Romney Wins Florida And Retakes GOP Reins
Former Massachusetts Gov. and presidential candidate Mitt Romney regained control of the volatile Republican primary race Tuesday, winning the state of Florida and righting the ship carrying his recently wavering candidacy for the 2012 GOP nomination.
“I’m hoping that as I go to Nevada and Minnesota and Missouri and Colorado and Arizona, and the list goes on and on, that I’ll be able to get a lot of support in part because of the response here of people in Florida,” Romney told the Washington Post.
The Florida primary is the biggest prize in the GOP contest to date, with 50 at-large delegates and more than $20 million spent by the GOP hopefuls on TV advertising alone. Consistently lauding Florida as a "microcosm of the entire nation," Romney told the Washington Post that his outcome in the "Sunshine State" would be a good indication of his electability.
Romney raised about $56 million in 2011, according to figures released Tuesday by his campaign. He's left with about $20 million in cash, a total far exceeding his rivals.
Despite Romney's convincing win, the script for Tuesday's primary had plenty of room for an upset.
Romney suffered a crushing defeat in South Carolina at the hands of Gingrich on January 21. And even with a convincing win in New Hampshire earlier this month, pundits agreed that Romney needed to take Florida to regain his standing as the GOP frontrunner.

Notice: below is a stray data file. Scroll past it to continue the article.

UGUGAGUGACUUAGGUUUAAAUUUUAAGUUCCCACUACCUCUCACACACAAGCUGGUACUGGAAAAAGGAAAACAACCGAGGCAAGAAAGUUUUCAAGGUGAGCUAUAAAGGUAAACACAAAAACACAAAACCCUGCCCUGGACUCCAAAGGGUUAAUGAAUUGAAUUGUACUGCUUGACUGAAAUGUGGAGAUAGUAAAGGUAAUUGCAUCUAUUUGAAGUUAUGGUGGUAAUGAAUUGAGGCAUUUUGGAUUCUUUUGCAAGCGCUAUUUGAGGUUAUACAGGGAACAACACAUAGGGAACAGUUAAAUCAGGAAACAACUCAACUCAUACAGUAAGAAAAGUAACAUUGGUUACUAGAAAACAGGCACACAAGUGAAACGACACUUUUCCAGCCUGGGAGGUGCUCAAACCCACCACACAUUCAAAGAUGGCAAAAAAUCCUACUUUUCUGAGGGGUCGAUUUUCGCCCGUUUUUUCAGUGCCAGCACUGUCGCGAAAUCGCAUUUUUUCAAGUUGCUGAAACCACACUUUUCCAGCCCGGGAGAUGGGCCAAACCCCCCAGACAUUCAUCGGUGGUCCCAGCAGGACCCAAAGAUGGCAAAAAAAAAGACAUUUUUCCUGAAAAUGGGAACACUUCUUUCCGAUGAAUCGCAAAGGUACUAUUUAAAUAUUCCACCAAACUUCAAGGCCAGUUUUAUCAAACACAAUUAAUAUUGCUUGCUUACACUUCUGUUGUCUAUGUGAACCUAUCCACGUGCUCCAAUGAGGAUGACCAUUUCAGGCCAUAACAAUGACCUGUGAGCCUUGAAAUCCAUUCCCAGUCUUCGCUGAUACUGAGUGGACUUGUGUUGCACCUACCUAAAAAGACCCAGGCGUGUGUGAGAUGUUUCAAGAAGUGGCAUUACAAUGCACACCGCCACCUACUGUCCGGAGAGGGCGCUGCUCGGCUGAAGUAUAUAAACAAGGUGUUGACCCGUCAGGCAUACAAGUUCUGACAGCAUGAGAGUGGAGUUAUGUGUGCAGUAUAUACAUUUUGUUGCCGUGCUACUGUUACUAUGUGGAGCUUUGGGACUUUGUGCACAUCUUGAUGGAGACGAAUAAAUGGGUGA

Cognizant of the importance of Florida, Gingrich had been on the offensive since South Carolina, exchanging blows with the Romney camp despite a nearly 4 to 1 spending margin in Florida, according to CNN.
"He has been flailing around a bit trying to go after me for one thing or the other," Romney told supporters in Dunedin, outside St. Petersburg, Florida. "You just watch it and shake your head. It has been kind of painfully revealing to watch."
But Romney was quick to fire back, slamming Gingrich for his lucrative Freddie Mac consulting contract and the ethics violations the former Speaker faced during his tenure. He recently released an ad showing archival footage of NBC's Tom Brokaw breaking the news that Gingrich's peers found him "guilty of ethics violations" in 1997.
Gingrich dismissed the ad as "totally phony." He told ABC that “whoever gets to be the Republican nominee is going to be attacked by Obama’s billion-dollar attack campaign… The question is, can you withstand that attack better as a solid conservative or as a moderate?”
The campaign now moves to the caucuses of Maine and Nevada on February 4, which hold 24 and 28 delegates, respectively.
But the major prize of this GOP primary is, without a doubt, Super Tuesday, where 11 states and 466 delegates are at stake. A good showing on March 6 can make or break one's candidacy, as Super Tuesday makes up a large part of the 1,144 needed to win the GOP nomination for 2012.
Even if every candidate won every delegate, the GOP nomination could not be secured until mid-March.
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